LOUISVILLE, Ky. (WAVE) - Victims of crime in Louisville will soon get more assistance thanks to federal grants received by Louisville Metro Police and several partner agencies.
Three new grants totaling around $1.4 million will allow the Louisville Metro Police Department to hire five more full-time victims’ advocates. These advocates assist with anything from emergency housing and transportation to going to court with someone in need.
“Which will allow our staff to grow from two full-time advocates to a total of 7,” Conrad said.
The grant was announced the same week police Chief Steve Conrad said he will begin discussing with the Metro Council Public Safety Committee how the department plans to cut back positions due to Metro budget shortfalls.
“That is a challenging process for us,” Conrad said. “This is the only part of the department that I’m proud to say we are adding additional employees... At a time when budget cuts are forcing us to rethink how we operate, and we’re still trying to figure out ways to meet the needs of this community, its truly exciting to have the opportunity to be able to use grant funding to be able to support the advocacy that is so important to the victims of violent crime."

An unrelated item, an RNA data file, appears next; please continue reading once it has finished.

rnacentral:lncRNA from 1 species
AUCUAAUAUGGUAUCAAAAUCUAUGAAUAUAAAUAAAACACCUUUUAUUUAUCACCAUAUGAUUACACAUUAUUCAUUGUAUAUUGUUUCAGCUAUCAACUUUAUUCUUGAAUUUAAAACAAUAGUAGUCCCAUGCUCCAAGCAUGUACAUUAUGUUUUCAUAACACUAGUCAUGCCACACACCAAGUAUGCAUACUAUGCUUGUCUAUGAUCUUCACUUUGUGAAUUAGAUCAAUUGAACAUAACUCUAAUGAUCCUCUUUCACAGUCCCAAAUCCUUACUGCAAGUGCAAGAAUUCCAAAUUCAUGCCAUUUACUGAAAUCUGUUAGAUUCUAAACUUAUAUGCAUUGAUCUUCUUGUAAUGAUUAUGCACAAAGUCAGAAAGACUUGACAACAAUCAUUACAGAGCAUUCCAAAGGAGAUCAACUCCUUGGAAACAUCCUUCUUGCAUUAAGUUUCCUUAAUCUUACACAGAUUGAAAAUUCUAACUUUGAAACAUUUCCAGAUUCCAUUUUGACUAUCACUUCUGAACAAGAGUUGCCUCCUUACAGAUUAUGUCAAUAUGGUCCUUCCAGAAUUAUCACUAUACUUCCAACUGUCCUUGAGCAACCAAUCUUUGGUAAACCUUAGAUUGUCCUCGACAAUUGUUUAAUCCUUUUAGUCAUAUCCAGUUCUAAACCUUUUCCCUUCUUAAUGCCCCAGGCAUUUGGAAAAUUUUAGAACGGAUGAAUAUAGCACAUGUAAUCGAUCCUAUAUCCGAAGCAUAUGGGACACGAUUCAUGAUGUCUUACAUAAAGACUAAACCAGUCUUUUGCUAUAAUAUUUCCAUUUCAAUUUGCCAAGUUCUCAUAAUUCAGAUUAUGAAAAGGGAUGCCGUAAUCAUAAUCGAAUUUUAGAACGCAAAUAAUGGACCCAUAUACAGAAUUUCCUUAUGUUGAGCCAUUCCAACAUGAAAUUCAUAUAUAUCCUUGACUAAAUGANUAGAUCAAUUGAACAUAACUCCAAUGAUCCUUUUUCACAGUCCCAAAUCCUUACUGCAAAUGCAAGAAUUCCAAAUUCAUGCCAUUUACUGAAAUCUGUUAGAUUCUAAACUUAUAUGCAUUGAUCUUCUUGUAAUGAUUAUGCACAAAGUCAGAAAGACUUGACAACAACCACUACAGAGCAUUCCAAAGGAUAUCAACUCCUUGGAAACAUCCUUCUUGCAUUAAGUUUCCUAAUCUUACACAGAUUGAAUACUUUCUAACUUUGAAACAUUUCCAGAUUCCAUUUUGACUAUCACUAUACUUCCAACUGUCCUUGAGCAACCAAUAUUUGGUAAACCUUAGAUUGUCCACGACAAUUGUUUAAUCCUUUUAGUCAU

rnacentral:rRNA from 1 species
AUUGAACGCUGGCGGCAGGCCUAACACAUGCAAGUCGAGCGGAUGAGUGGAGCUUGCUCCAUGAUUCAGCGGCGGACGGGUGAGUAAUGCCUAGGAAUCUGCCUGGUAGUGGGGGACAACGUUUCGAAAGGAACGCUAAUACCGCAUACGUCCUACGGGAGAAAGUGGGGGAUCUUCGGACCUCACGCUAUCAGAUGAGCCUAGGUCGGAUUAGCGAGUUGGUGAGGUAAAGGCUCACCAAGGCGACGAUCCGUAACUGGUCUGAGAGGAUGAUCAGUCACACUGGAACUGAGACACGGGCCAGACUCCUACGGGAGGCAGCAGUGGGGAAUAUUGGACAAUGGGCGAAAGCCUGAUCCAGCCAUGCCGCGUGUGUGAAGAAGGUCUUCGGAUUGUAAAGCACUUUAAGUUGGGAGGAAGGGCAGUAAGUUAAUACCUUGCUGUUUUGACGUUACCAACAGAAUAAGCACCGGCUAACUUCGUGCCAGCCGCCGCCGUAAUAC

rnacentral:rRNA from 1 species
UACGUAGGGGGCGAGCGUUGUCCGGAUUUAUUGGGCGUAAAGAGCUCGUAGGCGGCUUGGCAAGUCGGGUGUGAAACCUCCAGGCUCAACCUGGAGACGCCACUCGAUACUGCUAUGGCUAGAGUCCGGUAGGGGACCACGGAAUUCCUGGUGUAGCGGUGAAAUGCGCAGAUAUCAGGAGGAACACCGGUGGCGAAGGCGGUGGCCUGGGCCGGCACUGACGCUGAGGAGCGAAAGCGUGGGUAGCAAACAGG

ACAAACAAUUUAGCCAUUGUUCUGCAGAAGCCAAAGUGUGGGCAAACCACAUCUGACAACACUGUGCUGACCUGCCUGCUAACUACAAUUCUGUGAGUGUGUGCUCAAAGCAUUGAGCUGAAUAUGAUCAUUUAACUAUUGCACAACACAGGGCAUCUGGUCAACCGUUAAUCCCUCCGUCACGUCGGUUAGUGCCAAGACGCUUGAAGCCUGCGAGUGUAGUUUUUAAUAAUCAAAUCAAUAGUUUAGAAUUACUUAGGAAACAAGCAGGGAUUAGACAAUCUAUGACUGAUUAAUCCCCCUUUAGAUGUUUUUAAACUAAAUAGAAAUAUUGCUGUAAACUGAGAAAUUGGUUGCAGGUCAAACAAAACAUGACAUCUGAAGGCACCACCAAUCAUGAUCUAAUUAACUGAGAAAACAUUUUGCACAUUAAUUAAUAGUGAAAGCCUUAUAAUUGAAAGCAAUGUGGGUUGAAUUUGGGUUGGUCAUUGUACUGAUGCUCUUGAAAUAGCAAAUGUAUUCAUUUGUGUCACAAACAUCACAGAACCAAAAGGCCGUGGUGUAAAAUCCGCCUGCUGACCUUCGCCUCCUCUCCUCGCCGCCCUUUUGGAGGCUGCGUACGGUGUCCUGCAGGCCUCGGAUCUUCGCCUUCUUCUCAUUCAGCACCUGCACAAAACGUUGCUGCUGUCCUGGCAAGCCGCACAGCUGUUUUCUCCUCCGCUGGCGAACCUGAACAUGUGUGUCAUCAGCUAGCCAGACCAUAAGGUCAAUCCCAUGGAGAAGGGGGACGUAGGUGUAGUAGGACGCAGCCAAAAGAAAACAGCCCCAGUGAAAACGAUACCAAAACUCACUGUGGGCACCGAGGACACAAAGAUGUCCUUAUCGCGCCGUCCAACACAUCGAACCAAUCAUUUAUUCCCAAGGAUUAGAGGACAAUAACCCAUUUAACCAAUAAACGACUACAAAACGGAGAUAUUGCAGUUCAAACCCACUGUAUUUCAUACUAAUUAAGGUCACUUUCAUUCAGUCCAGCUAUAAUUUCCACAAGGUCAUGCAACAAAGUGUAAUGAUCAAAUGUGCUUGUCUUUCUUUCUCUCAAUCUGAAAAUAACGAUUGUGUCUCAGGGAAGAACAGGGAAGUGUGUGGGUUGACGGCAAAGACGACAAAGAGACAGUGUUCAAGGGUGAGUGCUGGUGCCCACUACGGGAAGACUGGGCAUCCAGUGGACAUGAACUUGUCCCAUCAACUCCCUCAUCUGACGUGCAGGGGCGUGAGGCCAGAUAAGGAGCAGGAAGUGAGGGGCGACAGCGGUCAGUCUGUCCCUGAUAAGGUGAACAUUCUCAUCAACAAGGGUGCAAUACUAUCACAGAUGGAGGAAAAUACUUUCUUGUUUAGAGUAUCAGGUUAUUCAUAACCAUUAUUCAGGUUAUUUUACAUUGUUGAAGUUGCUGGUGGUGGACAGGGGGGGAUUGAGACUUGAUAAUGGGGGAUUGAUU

The Victim’s Service Squad offers free services to help victims cope with trauma and the aftermath of victimization and to lessen inconveniences in the criminal justice process.
Metro Councilwoman Barbara Sexton Smith said she understands the positive impact law enforcement can have on victims.
“I know what that’s like, to lie there on the floor in a pool of blood and wondering who is going to show up,” Metro Councilwoman Barbara Sexton Smith said, detailing the still vivid moments she was the victim of a violent attack around 40 years ago. “It was a police officer that showed up to hold my hand and to guide me through that.”
LMPD leaders said they hope to keep the positions staffed when the grants expire. Advocates said the additional positions are needed because they see roughly 100 cases a month, related to adult sexual assault, crimes against children and felony domestic violence.
Nicole Carroll, Director of LMPD Victim Services Unit, said she hopes the grant will help the unit expand.
“Criminal traffic fatalities because there is a need for those crime victims,” Carroll said. “We’re in conversations with robbery. So, we’re growing and expanding.”
One of the grants will also allow the Jefferson County Attorney’s Office and Center for Women and Families to get extra training related to human trafficking and domestic violence.
Conrad noted that the grants are budget-neutral for LMPD and won’t free up other resources.